All Photos(1)

1013002

USP

Allopurinol

United States Pharmacopeia (USP) Reference Standard

Synonym(s):
4-Hydroxypyrazolo(3,4-d)pyrimidine, HPP, 1H-Pyrazolo(3,4-d)pyrimidin-4-ol, 4-Hydroxypyrazolo[3,4-d]pyrimidine
Empirical Formula (Hill Notation):
C5H4N4O
CAS Number:
Molecular Weight:
136.11
MDL number:
PubChem Substance ID:
NACRES:
NA.24

grade

pharmaceutical primary standard

mp

>300 °C (lit.)

Featured Industry

Pharmaceutical (small molecule)

format

neat

storage temp.

15-25°C

SMILES string

O=C1NC=Nc2[nH]ncc12

InChI

1S/C5H4N4O/c10-5-3-1-8-9-4(3)6-2-7-5/h1-2H,(H2,6,7,8,9,10)

InChI key

OFCNXPDARWKPPY-UHFFFAOYSA-N

Gene Information

human ... XDH(7498)

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General description

This product is provided as delivered and specified by the issuing Pharmacopoeia. All information provided in support of this product, including SDS and any product information leaflets have been developed and issued under the Authority of the issuing Pharmacopoeia.For further information and support please go to the website of the issuing Pharmacopoeia.

Biochem/physiol Actions

Inhibitor of xanthine oxidase and de novo pyrimidine biosynthesis. A classical agent in treatment of hyperuricemia and gout.

Analysis Note

These products are for test and assay use only. They are not meant for administration to humans or animals and cannot be used to diagnose, treat, or cure diseases of any kind.  ​

Other Notes

USP issued SDS can be found here.
Sales restrictions may apply.

Pictograms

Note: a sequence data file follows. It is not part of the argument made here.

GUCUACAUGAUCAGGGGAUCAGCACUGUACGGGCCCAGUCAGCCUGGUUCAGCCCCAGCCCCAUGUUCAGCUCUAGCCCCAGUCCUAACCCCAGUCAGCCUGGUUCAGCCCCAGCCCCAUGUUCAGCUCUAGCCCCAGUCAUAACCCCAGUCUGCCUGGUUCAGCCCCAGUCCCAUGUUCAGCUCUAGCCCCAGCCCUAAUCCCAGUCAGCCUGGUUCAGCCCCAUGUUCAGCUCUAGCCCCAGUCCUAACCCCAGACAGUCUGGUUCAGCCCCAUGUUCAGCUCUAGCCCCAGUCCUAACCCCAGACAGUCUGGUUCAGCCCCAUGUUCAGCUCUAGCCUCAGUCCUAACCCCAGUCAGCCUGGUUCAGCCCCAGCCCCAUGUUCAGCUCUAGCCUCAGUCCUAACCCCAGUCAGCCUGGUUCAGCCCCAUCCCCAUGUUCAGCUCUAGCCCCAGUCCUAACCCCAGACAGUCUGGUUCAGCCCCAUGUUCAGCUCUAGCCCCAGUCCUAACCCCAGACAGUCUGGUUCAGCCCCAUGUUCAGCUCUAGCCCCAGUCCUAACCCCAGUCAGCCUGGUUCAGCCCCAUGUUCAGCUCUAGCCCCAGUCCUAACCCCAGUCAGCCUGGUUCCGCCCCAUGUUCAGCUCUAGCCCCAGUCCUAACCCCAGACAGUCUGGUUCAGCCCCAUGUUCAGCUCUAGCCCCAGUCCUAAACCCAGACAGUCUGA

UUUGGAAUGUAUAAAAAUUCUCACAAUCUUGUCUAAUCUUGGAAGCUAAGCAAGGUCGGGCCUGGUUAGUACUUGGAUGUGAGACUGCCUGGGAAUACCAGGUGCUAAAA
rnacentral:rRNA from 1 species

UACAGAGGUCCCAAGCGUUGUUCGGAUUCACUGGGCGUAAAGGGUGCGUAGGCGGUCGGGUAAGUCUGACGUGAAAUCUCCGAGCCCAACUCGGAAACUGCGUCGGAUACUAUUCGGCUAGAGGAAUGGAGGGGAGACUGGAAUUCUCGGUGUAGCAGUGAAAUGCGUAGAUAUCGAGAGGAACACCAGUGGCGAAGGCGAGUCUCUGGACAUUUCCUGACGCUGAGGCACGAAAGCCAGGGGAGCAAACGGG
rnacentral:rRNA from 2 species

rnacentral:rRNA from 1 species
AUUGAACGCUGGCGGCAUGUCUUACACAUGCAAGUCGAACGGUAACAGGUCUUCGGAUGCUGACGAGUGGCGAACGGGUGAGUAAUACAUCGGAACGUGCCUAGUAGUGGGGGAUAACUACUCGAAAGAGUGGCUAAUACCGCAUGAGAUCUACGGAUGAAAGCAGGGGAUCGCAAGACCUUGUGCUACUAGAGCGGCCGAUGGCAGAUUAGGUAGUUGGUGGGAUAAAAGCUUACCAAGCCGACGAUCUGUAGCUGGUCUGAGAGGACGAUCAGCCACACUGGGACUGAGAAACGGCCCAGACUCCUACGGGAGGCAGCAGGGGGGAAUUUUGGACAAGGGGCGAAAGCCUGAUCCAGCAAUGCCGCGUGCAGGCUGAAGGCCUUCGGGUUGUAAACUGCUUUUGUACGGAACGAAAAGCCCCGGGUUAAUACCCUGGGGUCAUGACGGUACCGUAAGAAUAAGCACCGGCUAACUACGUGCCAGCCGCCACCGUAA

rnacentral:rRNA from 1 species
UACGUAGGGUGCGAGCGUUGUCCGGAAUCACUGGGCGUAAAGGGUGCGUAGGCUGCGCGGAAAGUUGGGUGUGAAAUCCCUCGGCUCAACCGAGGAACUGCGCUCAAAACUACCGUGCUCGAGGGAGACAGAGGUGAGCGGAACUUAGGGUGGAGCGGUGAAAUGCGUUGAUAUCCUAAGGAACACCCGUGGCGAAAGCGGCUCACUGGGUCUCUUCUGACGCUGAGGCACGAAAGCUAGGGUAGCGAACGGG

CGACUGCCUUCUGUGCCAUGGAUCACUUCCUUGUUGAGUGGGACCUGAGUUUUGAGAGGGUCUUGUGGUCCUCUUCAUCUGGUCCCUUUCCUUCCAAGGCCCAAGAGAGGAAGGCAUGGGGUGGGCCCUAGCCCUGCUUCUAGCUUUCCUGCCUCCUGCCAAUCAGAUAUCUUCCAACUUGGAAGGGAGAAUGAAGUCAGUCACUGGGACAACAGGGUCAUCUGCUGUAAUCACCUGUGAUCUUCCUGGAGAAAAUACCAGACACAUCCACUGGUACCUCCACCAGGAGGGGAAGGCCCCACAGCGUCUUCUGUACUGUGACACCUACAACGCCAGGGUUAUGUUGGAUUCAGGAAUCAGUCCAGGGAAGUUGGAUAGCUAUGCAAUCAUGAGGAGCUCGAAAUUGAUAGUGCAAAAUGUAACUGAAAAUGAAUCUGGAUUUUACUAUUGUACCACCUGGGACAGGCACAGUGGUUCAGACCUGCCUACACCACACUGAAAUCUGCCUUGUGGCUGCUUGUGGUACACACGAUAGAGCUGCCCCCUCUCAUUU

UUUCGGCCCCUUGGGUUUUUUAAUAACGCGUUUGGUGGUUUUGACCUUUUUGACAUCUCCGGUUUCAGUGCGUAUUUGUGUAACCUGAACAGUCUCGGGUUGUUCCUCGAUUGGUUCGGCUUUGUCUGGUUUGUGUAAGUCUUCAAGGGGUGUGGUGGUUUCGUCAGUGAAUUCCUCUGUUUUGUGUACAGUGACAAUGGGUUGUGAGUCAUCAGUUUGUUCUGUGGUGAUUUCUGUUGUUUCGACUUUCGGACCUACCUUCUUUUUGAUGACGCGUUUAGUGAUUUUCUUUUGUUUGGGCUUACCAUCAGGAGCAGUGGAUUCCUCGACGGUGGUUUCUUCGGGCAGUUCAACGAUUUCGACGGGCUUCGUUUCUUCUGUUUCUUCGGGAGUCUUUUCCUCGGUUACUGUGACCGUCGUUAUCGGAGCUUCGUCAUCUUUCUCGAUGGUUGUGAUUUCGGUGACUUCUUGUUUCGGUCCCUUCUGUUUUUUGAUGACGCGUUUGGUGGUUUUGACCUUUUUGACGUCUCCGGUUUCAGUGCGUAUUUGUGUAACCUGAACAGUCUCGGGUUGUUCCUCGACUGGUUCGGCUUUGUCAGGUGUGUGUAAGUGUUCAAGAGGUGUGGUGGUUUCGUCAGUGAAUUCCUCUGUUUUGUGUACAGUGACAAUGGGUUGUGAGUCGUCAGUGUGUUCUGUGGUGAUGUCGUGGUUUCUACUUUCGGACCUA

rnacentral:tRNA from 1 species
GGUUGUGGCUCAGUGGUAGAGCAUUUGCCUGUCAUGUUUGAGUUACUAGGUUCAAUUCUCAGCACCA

Skull and crossbones

Signal Word

Danger

Hazard Statements

Hazard Classifications

Acute Tox. 3 Oral - Skin Sens. 1

Storage Class Code

6.1C - Combustible, acute toxic Cat.3 / toxic compounds or compounds which causing chronic effects

WGK

WGK 2

Flash Point(F)

Not applicable

Flash Point(C)

Not applicable

Certificate of Analysis

Certificate of Origin

Dino Premilovac et al.
Diabetologia, 57(12), 2586-2595 (2014-09-13)
High sodium (HS) effects on hypertension are well established. Recent evidence implicates a relationship between HS intake and insulin resistance, even in the absence of hypertension. The aim of the current study was to determine whether loss of the vascular...
Jennifer J DuPont et al.
American journal of physiology. Renal physiology, 306(12), F1499-F1506 (2014-04-25)
Oxidative stress promotes vascular dysfunction in chronic kidney disease (CKD). We utilized the cutaneous circulation to test the hypothesis that reactive oxygen species derived from NADPH oxidase and xanthine oxidase impair nitric oxide (NO)-dependent cutaneous vasodilation in CKD. Twenty subjects...
C C Wen et al.
Clinical pharmacology and therapeutics, 97(5), 518-525 (2015-02-14)
The first-line treatment of hyperuricemia, which causes gout, is allopurinol. The allopurinol response is highly variable, with many users failing to achieve target serum uric acid (SUA) levels. No genome-wide association study (GWAS) has examined the genetic factors affecting allopurinol...
Timothy Pearson et al.
PloS one, 9(5), e96378-e96378 (2014-05-31)
Skeletal muscle generation of reactive oxygen species (ROS) is increased following contractile activity and these species interact with multiple signaling pathways to mediate adaptations to contractions. The sources and time course of the increase in ROS during contractions remain undefined....
Lisa K Stamp et al.
Rheumatology (Oxford, England), 53(11), 1958-1965 (2014-06-06)
The aims of this study were to establish whether, in patients with gout, MPO is released from neutrophils and urate is oxidized to allantoin and if these effects are attenuated by allopurinol. MPO, urate, allantoin and oxypurinol were measured in...

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